Recently, two State House advisers have made news not for good reasons, but scandals.
President Lazarus Chakwera has processed to dismiss the two special advisers.
However, the problem may be deeper than what we see on the surface.
For some years now, there was no major corruption or fraud scandal that has happened in Malawi without names of senior State House staffers in the mix.
One thing that seems to lead to this rot is that State House, a sacred government establishment that is supposed to be protected from all forms of scandals, has turned into a purely political office with politicians and their cronies running everything, including administration.
By politicians we mean people appointed mostly because of their political lineage and croinyism.
Until 2004, State House Chief of Staff—at one time called director general—was a career civil servant at the level of principal secretaries (PSs).
Only advisers and personal staff were chosen by the President.
However, Bingu wa Mutharika changed that and appointed his lieutenant Ken Zikhale Ng’oma as Chief of Staff. As expected, Zikhale rose in political influence to become what Malawians loosely termed “prime minister’.
When Mutharika’s brother, Peter, came to power, he sustained this tradition or misnomer, extending the appointment of politicians or political appointees to almost all top state house jobs.
Today, correct me if I am wrong, all top jobs at State House—I am talking about established jobs like directors, not andale—are held by people appointed by sitting presidents and mostly politically chosen ones.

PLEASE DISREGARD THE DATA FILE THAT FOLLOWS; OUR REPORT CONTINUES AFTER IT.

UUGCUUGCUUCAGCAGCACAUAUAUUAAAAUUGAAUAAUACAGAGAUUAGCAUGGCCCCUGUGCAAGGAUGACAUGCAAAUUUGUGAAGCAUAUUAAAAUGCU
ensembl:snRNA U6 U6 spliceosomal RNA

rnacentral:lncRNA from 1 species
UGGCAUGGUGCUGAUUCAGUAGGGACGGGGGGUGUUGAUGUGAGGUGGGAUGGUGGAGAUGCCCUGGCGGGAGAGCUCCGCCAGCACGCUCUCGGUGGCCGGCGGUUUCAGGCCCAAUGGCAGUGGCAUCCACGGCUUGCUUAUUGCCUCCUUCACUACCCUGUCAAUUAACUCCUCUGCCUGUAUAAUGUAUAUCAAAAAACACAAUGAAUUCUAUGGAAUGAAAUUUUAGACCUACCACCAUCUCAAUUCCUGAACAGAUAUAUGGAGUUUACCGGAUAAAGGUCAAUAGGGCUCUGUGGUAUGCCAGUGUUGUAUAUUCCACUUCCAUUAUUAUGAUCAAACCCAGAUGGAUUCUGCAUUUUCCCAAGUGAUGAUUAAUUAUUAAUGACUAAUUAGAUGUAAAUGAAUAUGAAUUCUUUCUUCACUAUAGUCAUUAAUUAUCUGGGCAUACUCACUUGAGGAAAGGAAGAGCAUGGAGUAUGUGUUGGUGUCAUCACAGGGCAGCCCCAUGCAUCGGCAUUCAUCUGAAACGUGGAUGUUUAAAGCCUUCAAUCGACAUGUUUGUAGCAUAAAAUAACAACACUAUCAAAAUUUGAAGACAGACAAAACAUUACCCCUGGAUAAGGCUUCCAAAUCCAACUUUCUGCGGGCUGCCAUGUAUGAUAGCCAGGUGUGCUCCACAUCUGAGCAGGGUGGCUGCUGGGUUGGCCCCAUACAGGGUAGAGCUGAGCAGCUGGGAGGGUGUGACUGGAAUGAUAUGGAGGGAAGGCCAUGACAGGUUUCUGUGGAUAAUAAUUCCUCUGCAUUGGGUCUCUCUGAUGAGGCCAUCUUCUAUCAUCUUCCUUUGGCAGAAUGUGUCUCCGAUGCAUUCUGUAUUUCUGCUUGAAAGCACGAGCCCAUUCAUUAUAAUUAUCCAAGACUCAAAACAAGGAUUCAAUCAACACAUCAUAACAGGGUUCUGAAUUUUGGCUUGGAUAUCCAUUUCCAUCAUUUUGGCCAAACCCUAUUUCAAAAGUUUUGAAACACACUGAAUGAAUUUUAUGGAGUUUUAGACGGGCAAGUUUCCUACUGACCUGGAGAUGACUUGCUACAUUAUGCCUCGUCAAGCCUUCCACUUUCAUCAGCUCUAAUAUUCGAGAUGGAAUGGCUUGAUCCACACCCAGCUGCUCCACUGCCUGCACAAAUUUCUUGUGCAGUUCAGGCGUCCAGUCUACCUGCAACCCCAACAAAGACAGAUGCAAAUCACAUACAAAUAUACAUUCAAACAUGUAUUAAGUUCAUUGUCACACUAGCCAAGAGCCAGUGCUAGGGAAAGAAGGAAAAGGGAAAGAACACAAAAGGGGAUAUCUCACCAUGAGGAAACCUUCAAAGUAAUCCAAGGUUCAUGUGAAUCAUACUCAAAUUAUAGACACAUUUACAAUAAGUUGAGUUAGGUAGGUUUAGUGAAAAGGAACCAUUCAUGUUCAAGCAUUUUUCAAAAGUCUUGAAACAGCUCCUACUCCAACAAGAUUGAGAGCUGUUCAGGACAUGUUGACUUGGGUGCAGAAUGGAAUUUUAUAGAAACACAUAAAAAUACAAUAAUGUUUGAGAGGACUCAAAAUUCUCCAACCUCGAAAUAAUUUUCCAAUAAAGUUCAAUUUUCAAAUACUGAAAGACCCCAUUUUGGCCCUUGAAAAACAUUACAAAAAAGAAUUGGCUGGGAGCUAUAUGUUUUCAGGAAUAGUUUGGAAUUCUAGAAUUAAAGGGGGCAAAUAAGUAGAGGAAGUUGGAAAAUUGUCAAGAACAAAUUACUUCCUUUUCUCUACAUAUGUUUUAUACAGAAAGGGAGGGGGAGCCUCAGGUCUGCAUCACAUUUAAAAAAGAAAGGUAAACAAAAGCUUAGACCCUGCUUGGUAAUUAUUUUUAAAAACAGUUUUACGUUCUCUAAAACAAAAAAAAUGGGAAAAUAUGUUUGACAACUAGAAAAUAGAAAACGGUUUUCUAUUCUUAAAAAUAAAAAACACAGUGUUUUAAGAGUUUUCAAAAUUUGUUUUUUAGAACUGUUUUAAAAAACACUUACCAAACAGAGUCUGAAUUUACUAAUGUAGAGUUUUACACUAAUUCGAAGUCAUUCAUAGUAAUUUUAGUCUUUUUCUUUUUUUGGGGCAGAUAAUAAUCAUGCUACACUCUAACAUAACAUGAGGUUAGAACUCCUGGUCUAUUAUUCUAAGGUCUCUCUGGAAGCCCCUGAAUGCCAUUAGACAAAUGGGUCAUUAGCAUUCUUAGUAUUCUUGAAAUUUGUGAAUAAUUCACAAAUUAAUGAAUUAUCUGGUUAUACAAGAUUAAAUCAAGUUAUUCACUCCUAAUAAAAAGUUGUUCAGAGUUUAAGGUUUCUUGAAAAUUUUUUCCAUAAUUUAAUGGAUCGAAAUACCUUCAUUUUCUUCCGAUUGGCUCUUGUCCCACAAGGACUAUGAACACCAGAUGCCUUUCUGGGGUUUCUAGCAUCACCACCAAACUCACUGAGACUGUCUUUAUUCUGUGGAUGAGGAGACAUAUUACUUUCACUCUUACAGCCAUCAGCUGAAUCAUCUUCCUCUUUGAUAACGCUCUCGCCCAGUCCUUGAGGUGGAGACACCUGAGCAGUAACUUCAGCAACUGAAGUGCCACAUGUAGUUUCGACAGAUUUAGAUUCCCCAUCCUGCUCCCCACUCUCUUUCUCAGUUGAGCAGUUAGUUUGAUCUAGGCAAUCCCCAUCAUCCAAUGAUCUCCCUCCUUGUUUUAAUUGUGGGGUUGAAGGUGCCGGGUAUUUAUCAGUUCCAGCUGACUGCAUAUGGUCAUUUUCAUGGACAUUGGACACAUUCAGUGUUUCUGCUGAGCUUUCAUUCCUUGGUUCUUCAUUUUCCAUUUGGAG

While this makes the President comfortable and somehow safe, it puts the nation at some disadvantage because the Head of State and Government is only left with political people who also come from his line of thinking.
There are no career civil servants to help him on a daily basis.
As slow and bureaucratic as our civil service is, its people are better trained and prepared to run government business than self-seeking and randomly selected politicians.
Civil servants will help you get things done using proper channels. Yes, there are also some who mislead politicians so they can steal, but there are many others who do work hard and effectively.
What we have now is a State House which is disturbingly detached from the mainstream civil service.
State House is one of the highly-funded institutions in the country and leaving political appointees to run such an institution is a big mistake for the nation but also puts the President under unnecessary pressure and scrutiny as has happened recently.
From 1964 to 2004, a principal secretary has been the controlling officer at State House. The PS is a higher grade than State House advisers.
Due to politicisation of State House, advisers have assumed—whether ignorantly or sheer arrogance— that they are more senior than principal secretaries.
A story is told of how one political appointee in the previous government would command even the secretary to the President.
We were even told that one commander of the Malawi Defence Force was fired for refusing to take orders from that State House person.
A career civil servant knows and understands how government works.
The President, while needing his political allies around him, also needs the experienced and highly educated civil servants around him because he has to achieve both party and government aspirations without losing sight of dos and don’ts.
Being a government that came on the promise of business unusual, maybe it is time President Chakwera took the State House back to the civil service where it belongs.
Our public service is mirrored on the British Whitehall and that means letting civil servants to do their work to support current governments.